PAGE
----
Yeah, it is a huge subject and it’s hard to even figure out a place to begin. There really aren’t good one volume books that take in the whole era. You have to specialize to narrow it down to manageable proportions.
This recommendation might horrify purists, but if you want to start with light, breezy, story-packed books just to get the mythologized flavor of the place, search out the copious oeuvre of Bob Thomas.
He’s written a book about everybody who was anyone in the Golden Age. He did books on all the moguls - Selznick, Thalberg, Cohn, Warner, Disney. He’s done biographies of Joan Crawford, Abbott & Costello, Fred Astaire, William Holden, and Marlon Brando. He ghostwrote books for Debbie Reynolds and Bob Hope. And many of them were reprinted in recent years in trade paperback by New Millennium Press, so they should be easily available.
They won’t be scholarly reassessments of the age, but it doesn’t sound like that’s what you’re looking for.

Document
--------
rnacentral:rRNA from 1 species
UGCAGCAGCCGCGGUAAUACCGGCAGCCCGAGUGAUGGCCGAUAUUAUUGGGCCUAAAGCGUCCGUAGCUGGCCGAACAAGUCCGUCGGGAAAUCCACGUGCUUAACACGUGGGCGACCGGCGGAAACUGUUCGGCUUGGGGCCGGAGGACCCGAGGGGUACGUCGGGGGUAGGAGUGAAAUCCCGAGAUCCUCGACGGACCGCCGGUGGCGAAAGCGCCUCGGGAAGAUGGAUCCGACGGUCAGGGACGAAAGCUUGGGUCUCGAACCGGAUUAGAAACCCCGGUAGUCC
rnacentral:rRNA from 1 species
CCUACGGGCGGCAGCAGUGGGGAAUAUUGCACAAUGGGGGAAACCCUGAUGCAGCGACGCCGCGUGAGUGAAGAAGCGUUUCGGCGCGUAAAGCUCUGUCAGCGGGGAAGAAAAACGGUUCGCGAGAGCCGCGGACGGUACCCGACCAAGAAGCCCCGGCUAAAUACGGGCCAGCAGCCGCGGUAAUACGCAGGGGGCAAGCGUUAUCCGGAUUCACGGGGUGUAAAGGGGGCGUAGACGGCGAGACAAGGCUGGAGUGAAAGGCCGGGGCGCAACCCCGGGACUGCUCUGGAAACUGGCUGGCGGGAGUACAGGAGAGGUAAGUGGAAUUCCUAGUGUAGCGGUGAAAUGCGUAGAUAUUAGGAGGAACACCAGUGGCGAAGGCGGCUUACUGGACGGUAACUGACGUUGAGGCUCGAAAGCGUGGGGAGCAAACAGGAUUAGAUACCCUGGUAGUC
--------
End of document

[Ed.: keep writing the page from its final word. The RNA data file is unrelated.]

If you want to go back even farther, the best book on the comedians of the silent era is Walter Kerr’s The Silent Clowns. That’s another older book that’s been reprinted as a modern trade paperback.
If it fiction you want, then check out George Baxt’s series of mysteries starring various celebrities as the detectives: The Clark Gable and Carole Lombard Murder Case; The Mae West Murder Case; The Fred Astaire and Ginger Rogers Murder Case; The Greta Garbo Murder Case; The Bette Davis Murder Case; and several others. They are bitchy in the best sense of the word, crammed with all the gossip of the day - which usually was no more true than gossip is today, and use the star’s on-screen personas rather than their real selves as characterization, except where it’s convenient to do it the other way round.
Try to keep it fun. It’s easy to take old Hollywood too seriously and frankly it’s a crime when people do. They were high school dropouts grinding out sausage for the most part, not intellectuals forging a new mythology for a technologized America. If they did any of that inadvertently, we’re the better for it, but stick with the real tinsel behind the fake tinsel and you’ll see the place for what it was.